Planetary Building Blocks Found in Surprising Place
This graph of data from NASA's Spitzer Space Telescope shows that an extraordinarily low-mass brown dwarf, or "failed star," is circled by a disk of planet-building dust. The brown dwarf, called OTS 44, is only 15 times the mass of Jupiter, making it the smallest known brown dwarf to host a planet-forming disk.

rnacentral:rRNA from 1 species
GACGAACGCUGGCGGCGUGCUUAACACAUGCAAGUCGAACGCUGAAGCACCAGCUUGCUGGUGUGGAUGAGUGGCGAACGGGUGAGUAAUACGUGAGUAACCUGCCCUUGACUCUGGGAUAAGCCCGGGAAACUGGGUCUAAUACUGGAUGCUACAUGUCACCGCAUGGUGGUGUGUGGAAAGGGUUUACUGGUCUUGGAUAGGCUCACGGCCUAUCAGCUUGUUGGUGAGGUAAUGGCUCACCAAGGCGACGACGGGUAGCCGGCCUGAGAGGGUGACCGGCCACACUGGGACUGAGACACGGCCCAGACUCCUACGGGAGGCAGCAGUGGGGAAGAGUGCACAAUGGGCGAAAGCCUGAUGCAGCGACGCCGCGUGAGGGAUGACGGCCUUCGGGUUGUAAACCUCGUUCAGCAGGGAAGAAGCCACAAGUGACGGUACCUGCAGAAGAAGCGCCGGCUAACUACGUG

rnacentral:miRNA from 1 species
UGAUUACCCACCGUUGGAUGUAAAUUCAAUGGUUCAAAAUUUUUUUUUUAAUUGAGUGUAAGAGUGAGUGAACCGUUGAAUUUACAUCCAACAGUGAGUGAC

Spitzer was able to see this unusual disk by measuring its infrared brightness. Whereas a brown dwarf without a disk (red dashed line) radiates infrared light at shorter wavelengths, a brown dwarf with a disk (orange line) gives off excess infrared light at longer wavelengths. This surplus light comes from the disk itself and is represented here as a yellow dotted line. Actual data points from observations of OTS 44 are indicated with orange dots. These data were acquired using Spitzer's infrared array camera.